SEMINARY training is not what it used to be. In years past, sexuality and discussions thereof were avoided. This is probably a result of the Jansenist heresy that crept into the Church for many years. Anything having to do with sexuality was "dirty" or "sinful." We finally came to terms with the fact that sexuality is good. It is the way sexuality is expressed, which can be appropriate or inappropriate, virtuous or sinful.
AS a seminarian, I was required to go through what was called "Celibacy Modules." These were unheard of years ago, but were very helpful for today’s seminarian. After all, we’re celibate, not dead. But the celibate life does not mean that impulses magically disappear. Celibacy calls one to adult sexuality as opposed to the adolescent sexuality of impulse, objectivity, and exploitation. These modules went even further. I remember very clearly that there might come a time when I realized emotionally that I would never have children. Of course I knew this intellectually, but I was being prepared for the inevitable. Reproduction is part of sexuality.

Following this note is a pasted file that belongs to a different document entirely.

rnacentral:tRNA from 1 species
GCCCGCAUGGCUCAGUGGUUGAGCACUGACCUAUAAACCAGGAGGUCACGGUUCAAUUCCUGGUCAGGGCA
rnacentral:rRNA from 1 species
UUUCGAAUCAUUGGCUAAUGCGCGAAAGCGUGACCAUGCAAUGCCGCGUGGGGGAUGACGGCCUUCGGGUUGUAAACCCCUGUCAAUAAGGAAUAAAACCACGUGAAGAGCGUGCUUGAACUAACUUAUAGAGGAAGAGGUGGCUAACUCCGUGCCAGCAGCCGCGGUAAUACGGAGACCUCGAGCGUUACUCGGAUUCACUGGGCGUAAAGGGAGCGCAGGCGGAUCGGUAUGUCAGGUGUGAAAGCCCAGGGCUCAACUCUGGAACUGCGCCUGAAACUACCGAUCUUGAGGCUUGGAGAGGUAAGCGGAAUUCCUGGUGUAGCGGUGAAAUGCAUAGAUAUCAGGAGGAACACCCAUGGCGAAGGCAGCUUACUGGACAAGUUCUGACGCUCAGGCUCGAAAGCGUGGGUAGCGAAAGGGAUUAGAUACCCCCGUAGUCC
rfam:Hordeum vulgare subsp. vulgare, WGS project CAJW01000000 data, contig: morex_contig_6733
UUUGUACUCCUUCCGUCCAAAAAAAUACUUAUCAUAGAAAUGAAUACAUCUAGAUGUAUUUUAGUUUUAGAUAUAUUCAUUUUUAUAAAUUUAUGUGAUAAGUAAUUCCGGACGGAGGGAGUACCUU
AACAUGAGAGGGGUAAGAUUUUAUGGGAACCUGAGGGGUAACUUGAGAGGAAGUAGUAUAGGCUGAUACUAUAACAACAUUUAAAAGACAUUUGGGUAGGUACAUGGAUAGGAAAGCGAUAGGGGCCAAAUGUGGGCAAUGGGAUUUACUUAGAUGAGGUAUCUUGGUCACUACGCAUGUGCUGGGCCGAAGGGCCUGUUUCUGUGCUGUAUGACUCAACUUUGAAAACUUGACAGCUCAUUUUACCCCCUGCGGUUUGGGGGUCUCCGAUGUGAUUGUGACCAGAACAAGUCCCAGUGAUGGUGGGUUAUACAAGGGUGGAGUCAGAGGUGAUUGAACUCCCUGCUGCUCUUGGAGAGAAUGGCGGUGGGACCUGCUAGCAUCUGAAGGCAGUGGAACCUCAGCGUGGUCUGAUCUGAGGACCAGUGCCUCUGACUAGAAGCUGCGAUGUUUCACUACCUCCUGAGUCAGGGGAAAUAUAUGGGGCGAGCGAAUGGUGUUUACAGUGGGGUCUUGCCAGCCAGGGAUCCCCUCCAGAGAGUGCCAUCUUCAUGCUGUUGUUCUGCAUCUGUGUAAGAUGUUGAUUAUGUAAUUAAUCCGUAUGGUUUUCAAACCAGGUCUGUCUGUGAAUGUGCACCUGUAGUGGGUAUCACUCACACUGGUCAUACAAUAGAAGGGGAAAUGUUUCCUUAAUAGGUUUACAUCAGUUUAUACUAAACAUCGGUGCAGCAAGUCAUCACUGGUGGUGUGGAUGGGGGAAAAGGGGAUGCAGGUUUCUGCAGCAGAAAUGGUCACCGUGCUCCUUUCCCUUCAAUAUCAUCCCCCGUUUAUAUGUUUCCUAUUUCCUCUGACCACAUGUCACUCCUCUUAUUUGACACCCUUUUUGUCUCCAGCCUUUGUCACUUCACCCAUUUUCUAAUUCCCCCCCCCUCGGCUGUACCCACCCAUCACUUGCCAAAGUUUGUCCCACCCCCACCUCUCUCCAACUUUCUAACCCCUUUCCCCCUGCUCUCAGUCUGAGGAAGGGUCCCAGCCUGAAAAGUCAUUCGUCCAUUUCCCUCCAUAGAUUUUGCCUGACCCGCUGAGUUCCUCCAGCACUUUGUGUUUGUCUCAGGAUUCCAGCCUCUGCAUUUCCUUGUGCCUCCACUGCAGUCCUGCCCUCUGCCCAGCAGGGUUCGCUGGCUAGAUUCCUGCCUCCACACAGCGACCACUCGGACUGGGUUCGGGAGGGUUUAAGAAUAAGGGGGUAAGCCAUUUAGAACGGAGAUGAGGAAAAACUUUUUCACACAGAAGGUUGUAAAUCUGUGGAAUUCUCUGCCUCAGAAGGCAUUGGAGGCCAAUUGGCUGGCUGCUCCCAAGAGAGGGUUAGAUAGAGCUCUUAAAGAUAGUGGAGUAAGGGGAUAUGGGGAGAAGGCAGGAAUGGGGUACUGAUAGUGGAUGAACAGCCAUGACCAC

I remember one day when I was presiding over a preliminary rite for the children who would be receiving First Communion. In this rite, I was to pray over each child. Imagine looking down at the ever so clear eyes of so many children one at a time. It hit me! I had to pause for a moment as the tears welled up in my eyes. My memory flashed to the Celibacy Module. I had been warned. This was a normal part of my being a man. I could handle it. It was the perfect time to remind parents of the gift they had in their children. It was perfect time for me to recognize in those parents that remarkable gift of their Sacrament of Holy Matrimony and that this was their love walking around on two feet.